OpinionsEnvironment ConnectionWetlands in Metro Manila

Wetlands in Metro Manila

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Metro Manila has a number of low areas or wetlands commonly referred to as esteros. If there are highly- populated, filthy, polluted areas in this metropolis, it is these wetland areas.

What further adds to the seriousness of the present concern is that these sites are near important landmarks of the city of Manila such as Malacanang Palace and several universities in the University Belt.

The wonder of it all is that almost everybody in Metro Manila seems to be ignoring the presence of these pockets of pollution as if they do not exist at all. Yet, when one travels in the city and happens to pass by these ugly, foul-smelling, heavily-polluted (with trash, garbage, domestic wastes) sites that serve as indicator of environmental neglect, he cannot ignore them because, like the malodorous Manila Bay, they are in a real sense an insult to our reputation as a people.

Before I proceed any further, let me confess that having served as the Secretary of the Department of Environment & Natural Resources in 1992-1995, I regret I was not able to do something about these sites.

Our attention then was focused on fighting a losing battle to stop illegal logging in our rainforests.

But let us not talk much about what were not done in the past. The more important thing is to clean up these polluted sites.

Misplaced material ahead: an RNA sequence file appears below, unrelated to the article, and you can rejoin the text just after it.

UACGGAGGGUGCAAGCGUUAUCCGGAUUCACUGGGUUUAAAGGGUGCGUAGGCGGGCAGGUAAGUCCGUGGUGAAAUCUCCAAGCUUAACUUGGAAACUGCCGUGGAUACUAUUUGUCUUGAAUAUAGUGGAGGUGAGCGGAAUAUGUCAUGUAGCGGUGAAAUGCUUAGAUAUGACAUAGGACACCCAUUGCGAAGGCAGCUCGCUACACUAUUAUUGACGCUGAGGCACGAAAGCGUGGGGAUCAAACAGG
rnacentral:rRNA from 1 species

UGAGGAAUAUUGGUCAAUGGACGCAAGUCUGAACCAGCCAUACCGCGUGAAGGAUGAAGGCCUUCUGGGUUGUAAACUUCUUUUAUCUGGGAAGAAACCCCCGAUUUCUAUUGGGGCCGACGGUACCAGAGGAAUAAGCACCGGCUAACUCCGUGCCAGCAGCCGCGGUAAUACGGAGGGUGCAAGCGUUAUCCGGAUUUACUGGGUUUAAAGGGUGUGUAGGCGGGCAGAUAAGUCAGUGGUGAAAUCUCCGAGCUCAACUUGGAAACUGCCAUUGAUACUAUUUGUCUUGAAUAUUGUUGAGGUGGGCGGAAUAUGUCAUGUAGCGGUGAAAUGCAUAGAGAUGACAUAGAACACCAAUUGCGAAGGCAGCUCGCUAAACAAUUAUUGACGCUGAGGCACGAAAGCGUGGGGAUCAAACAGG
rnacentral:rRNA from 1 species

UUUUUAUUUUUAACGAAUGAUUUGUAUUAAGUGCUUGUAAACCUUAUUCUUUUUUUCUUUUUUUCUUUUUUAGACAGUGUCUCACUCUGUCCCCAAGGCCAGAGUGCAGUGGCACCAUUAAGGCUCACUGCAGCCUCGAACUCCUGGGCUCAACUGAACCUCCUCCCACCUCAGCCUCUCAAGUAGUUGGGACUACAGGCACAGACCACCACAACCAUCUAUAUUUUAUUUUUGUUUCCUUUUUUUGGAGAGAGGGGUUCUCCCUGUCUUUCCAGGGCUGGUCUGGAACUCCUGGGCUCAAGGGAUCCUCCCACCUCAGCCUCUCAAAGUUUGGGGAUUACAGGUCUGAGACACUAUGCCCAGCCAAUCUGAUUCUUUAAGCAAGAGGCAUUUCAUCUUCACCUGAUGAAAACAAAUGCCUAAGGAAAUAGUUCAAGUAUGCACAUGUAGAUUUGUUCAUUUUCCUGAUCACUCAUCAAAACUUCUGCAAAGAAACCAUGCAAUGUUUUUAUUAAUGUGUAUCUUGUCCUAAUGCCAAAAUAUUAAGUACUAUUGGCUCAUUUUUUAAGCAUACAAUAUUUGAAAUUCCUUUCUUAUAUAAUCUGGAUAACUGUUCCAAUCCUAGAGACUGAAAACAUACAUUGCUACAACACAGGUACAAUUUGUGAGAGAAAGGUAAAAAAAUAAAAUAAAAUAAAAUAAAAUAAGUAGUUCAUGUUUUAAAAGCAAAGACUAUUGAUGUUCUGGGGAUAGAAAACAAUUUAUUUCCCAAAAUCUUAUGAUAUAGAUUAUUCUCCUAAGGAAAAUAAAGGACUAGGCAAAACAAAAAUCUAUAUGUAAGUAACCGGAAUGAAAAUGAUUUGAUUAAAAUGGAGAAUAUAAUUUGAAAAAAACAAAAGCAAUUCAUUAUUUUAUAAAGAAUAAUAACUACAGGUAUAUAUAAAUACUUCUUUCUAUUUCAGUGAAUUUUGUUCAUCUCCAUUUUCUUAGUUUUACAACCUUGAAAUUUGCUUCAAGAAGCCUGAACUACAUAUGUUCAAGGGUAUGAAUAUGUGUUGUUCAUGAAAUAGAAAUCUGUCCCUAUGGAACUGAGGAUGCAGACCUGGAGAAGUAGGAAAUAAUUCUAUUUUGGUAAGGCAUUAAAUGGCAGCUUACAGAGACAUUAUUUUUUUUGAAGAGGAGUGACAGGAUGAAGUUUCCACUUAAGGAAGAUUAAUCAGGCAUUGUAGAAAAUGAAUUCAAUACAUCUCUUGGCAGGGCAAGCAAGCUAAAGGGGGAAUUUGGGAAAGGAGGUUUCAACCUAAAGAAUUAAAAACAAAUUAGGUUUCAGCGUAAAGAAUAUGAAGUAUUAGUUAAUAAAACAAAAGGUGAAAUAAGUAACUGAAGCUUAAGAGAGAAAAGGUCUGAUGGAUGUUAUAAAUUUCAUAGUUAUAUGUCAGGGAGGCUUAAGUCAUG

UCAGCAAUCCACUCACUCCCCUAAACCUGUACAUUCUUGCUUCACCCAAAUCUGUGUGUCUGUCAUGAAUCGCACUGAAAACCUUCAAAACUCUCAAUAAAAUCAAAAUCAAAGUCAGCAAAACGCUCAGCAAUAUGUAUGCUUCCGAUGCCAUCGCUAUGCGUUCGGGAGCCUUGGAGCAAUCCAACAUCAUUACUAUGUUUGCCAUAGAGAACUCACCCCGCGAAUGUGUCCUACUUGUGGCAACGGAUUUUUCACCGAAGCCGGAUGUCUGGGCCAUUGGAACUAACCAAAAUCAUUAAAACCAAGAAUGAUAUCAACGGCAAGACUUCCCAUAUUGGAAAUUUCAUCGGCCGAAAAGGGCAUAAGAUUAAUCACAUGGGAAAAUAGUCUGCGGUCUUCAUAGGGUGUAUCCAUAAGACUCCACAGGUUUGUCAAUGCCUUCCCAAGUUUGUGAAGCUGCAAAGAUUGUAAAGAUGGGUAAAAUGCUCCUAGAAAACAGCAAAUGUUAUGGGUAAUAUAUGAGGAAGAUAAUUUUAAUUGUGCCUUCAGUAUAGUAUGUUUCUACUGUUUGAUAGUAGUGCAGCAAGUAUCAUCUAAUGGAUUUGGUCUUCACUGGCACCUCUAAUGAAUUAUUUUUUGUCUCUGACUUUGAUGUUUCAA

I believe there are many expert people who know about sanitation and drainage systems. Poor drainage or lack of drainage to the sea or to the Pasig River appears to the main reason for the stagnant water in these wetlands.

Do we need an explanation why dengue fever is rampant around areas with dirty, stagnant water? People in the vicinity throw their household wastes into the water below their houses, worsening the drainge and pollution problems.

In the past and even at present, many greedy developers have made money by building structures on reclaimed creeks, obstructing normal drainage to Manila Bay.

This reflects an utter ignorance or disregard of the natural functions of wetlands. Why were they allowed to do so?
Now, it appears next to impossible to do something about lapses in the past. But is it?

President Noy has shown that it can be done. If by just a single pronouncement, he was able to stop the much abused wang-wang habit, there is no reason why the esteros, canals and creeks of Metro Manila cannot be cleaned and cleared for easy drainage to the sea.
But the agencies of government tasked with proper drainage should put their skills to action. They better do so; if they do not, people in the provinces will follow suit.

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